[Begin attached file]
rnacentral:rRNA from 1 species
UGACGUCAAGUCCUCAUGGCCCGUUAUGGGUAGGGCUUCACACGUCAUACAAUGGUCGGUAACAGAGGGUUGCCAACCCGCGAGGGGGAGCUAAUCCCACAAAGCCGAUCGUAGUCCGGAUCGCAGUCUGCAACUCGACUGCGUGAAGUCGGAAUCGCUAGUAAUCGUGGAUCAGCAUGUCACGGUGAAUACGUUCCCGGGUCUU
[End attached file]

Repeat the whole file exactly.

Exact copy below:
rnacentral:rRNA from 1 species
UGACGUCAAGUCCUCAUGGCCCGUUAUGGGUAGGGCUUCACACGUCAUACAAUGGUCGGUAACAGAGGGUUGCCAACCCGCGAGGGGGAGCUAAUCCCACAAAGCCGAUCGUAGUCCGGAUCGCAGUCUGCAACUCGACUGCGUGAAGUCGGAAUCGCUAGUAAUCGUGGAUCAGCAUGUCACGGUGAAUACGUUCCCGGGUCUU